Light flooded inside the newly-opened Edison Branch of the Detroit Public Library on Thursday while children ran in and out of a castle playscape. Next to them, parents and grandparents gathered to watch a presentation about ABCmouse — an interactive tool that helps young kids learn.
A preschool-aged girl in a pink cheetah-print coat stopped mid-stride to watch a quick demo.
“See, they’re already paying attention,” the presenter said, followed by laughter.
This award-winning software is available to families across the city of Detroit at no cost. It’s one part of a $1.4 million investment made by our partners at General Motors to launch a series of United Way programs to help children read at grade level.
We’re partnering with select Detroit Public Library branches to help children and families access ABCmouse at home. As a result, families can either use the software on their own devices or check out an iPad from the library. All they need to do is create an account and log in. This effort — part of GM’s commitment to the Cody Rouge community — launched at the Edison branch.
LaRetha Wynn attended the community event with her 5-year-old grandson, Isiah, who revealed his missing front teeth as he spelled his first name.
“Many children are not reading at grade level,” LaRetha said. “This will be so accessible now.”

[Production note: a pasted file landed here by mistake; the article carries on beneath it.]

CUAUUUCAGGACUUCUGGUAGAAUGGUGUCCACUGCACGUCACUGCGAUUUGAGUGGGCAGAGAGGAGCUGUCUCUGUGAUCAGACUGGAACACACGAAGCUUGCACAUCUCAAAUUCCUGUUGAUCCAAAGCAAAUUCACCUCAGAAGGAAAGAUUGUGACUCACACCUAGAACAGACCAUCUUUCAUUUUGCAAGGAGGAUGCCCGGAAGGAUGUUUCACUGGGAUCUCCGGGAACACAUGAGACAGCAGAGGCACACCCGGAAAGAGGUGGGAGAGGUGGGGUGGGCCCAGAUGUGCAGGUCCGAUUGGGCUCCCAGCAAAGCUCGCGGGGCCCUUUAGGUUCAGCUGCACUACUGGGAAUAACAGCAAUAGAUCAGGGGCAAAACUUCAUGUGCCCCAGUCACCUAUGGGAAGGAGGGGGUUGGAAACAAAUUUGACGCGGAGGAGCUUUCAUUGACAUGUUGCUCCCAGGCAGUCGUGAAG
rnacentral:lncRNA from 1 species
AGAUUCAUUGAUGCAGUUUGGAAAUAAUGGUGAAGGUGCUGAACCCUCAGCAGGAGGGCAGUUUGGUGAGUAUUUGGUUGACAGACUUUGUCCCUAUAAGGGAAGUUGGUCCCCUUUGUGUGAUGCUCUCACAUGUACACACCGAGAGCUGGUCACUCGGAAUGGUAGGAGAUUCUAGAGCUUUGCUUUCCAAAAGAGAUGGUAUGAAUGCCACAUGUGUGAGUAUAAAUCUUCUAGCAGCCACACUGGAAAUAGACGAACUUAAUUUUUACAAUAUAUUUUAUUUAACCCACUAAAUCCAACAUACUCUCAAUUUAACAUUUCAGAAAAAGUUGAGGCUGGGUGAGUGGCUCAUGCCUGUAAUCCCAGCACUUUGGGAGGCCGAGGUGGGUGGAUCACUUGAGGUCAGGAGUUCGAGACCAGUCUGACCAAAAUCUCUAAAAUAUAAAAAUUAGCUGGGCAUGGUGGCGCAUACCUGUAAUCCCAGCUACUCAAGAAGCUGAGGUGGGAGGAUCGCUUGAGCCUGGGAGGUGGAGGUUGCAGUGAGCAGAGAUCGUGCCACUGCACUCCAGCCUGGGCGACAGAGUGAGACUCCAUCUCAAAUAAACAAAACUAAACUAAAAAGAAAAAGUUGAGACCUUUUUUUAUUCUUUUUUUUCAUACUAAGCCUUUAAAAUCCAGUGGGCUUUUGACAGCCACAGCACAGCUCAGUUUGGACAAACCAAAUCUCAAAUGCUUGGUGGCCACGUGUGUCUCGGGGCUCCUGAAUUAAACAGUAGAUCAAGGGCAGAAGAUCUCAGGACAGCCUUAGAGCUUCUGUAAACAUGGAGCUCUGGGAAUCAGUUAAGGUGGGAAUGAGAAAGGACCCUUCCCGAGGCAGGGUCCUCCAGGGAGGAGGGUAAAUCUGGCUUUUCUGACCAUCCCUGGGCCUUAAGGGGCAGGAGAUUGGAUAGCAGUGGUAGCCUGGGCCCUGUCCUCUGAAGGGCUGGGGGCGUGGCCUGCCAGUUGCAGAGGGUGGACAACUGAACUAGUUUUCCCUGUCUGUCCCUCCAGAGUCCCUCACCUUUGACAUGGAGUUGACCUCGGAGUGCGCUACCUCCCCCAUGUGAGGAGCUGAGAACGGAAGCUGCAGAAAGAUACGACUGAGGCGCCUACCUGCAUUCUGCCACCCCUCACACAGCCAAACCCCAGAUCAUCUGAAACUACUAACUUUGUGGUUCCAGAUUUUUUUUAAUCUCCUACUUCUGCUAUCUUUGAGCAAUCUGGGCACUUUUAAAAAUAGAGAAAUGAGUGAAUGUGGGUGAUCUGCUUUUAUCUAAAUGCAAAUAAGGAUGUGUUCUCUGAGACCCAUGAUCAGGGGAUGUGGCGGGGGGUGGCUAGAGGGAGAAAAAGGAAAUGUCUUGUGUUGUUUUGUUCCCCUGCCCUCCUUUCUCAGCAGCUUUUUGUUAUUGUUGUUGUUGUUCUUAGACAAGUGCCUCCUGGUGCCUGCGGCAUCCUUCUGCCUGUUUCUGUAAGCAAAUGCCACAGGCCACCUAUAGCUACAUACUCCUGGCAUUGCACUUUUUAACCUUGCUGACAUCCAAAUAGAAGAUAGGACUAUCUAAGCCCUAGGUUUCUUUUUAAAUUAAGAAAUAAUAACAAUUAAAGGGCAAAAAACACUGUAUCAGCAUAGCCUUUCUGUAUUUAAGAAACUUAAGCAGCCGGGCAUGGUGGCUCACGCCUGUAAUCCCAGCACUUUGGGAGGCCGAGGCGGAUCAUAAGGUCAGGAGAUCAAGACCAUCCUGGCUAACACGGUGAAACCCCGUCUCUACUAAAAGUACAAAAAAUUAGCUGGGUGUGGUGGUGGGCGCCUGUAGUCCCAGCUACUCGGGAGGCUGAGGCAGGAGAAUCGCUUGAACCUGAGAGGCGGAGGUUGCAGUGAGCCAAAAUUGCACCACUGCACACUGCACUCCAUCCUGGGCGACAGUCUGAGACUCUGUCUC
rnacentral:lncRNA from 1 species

Kenyatta McConico had been driving his three young children to a library in Dearborn to use ABCmouse. He’s happy his neighborhood will benefit from the investment and plans to share the information with his community.
“I’m glad these resources are now available in our community – we should all get to benefit from them,” he said. “There’s positive energy in the city of Detroit.”
Kenyatta wants his children have opportunities to learn outside of school and plans to use the app at home.
The software is for children ages 2-8. It offers reading supports — like phonics and vocabulary building work.
Christine Peele manages the Edison branch and shared her excitement.
“It’s great to see children and families using the library,” she said. A water main break closed the library for nearly a year. It reopened last week after extensive renovations. “Many people don’t know the resources we offer. And if we don’t have something they need, I want to know so I can get it.”
The ABCmouse software will be expanded to schools and community centers in the near future.
“Schools are critical in developing children’s literacy, but it takes a community to reinforce their learning,” says Tammie Jones, Vice President of education and economic prosperity at United Way for Southeastern Michigan. “ABCmouse is a fantastic tool, and we are grateful to General Motors for this investment so that even more parents and caregivers can support their children’s education in a way that’s both fun and convenient for them.”